Christmas commercials seem to come earlier each year, and so too do end-of-year tax stories. But be of good cheer because many of these articles seem to focus on ways to reduce your IRS bill. Bill Bischoff had one of the better and more comprehensive pieces this month on MarketWatch.com. Here is some of the information he provided:
“Income Tax Rates Are Unchanged for All but Higher-Income Individuals
“For most individuals, the federal income-tax rates for this year are the same as last year: 10%, 15%, 25%, 28%, 33%, and 35%. However, the American Taxpayer Relief Act (ATRA), passed at the beginning of this year, increased the maximum rate to 39.6%. That rate only affects singles with taxable income above $400,000, married joint-filing couples with income above $450,000, and heads of households with income above $425,000. For 2014, the tax bracket cutoffs are slightly higher.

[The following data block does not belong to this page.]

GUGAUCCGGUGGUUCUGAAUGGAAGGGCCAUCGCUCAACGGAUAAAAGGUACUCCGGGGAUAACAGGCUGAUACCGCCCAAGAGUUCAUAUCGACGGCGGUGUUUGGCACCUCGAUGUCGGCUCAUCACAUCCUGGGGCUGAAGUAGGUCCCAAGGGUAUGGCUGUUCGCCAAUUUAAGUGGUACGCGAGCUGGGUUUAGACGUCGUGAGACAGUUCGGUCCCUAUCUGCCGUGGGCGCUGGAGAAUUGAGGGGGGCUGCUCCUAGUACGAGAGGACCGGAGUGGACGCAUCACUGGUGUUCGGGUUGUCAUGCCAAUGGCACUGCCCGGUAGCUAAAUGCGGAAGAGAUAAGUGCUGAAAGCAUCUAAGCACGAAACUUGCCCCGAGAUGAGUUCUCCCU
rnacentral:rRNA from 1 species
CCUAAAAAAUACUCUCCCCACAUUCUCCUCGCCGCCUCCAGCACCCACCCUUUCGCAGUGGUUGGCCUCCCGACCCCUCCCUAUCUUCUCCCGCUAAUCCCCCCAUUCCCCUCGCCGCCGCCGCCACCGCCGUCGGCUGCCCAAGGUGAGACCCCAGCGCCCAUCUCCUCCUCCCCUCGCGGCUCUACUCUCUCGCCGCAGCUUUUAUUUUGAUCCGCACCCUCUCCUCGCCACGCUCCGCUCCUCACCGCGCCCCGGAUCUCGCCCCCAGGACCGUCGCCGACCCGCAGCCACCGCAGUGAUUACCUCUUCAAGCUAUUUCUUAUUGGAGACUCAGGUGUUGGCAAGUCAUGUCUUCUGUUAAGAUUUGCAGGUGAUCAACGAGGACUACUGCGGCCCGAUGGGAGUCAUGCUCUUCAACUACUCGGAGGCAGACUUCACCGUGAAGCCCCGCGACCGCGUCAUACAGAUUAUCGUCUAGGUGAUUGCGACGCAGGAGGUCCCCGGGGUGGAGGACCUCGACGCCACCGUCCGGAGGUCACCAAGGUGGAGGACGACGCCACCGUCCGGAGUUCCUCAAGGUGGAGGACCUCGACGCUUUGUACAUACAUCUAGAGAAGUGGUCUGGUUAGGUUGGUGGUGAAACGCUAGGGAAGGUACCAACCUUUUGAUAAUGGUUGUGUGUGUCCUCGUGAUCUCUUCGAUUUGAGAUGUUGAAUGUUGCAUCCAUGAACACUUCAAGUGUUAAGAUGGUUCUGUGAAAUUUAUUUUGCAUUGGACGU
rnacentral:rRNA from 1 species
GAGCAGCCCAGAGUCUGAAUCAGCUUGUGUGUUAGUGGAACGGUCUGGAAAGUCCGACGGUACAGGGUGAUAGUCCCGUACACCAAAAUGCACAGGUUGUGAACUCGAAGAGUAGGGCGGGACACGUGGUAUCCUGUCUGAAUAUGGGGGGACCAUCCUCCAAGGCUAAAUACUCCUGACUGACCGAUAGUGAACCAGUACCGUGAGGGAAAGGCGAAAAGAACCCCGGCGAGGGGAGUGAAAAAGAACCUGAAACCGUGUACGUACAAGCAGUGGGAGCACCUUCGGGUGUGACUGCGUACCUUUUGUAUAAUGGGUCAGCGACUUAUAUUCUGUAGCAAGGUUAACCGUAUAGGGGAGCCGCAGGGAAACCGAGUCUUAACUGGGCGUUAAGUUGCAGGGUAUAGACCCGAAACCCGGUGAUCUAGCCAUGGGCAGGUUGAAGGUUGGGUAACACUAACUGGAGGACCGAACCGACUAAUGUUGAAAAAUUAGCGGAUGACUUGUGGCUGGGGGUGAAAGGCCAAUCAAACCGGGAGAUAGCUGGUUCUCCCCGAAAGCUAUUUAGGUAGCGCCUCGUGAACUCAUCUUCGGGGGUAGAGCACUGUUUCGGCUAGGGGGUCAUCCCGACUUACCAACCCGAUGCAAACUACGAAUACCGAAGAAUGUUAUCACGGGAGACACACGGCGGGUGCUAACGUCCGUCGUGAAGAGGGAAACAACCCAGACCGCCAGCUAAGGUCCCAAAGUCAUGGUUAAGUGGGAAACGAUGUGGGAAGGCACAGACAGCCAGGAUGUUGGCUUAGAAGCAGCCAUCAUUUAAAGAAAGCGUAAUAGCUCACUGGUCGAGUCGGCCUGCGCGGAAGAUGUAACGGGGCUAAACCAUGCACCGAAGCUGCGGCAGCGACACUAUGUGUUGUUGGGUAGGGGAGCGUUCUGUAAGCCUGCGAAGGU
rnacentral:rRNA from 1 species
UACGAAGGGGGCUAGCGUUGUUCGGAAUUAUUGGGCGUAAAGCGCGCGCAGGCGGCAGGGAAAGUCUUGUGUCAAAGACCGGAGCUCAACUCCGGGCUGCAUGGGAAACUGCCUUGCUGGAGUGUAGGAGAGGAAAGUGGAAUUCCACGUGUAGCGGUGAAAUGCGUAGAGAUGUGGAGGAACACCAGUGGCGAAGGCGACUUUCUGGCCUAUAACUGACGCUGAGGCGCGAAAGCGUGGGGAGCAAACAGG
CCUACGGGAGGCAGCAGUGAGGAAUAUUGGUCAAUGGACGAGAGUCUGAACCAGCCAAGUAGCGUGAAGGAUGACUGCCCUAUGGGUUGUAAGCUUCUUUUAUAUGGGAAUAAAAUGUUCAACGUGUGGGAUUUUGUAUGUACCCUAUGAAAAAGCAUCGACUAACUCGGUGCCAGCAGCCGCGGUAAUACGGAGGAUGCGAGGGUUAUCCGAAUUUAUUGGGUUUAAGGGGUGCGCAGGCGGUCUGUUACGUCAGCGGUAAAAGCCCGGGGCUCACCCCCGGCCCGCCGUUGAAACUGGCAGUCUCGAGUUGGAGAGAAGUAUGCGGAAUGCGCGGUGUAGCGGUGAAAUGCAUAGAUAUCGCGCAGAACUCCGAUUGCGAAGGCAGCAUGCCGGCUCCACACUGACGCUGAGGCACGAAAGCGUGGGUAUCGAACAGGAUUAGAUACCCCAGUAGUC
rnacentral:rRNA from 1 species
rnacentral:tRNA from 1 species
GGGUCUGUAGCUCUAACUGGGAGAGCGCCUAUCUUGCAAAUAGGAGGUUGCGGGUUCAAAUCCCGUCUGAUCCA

“Capital Gain and Dividend Tax Rates Are Unchanged for All But Higher-Income Individuals
“The federal income-tax rates on long-term capital gains and dividends for this year are also the same as last year for most individuals: either 0% or 15%. However, the ATRA raised the maximum rate to 20% for singles with taxable income above $400,000, married joint-filing couples with income above $450,000, and heads of households with income above $425,000. For 2014, the thresholds for the 20% maximum rate will be $406,750, $457,600, and $432,200, respectively. Folks with taxable income below these levels will pay a 15% federal rate on long-term gains and dividends or 0% for gains and dividends that would otherwise fall within the 10% or 15% brackets.”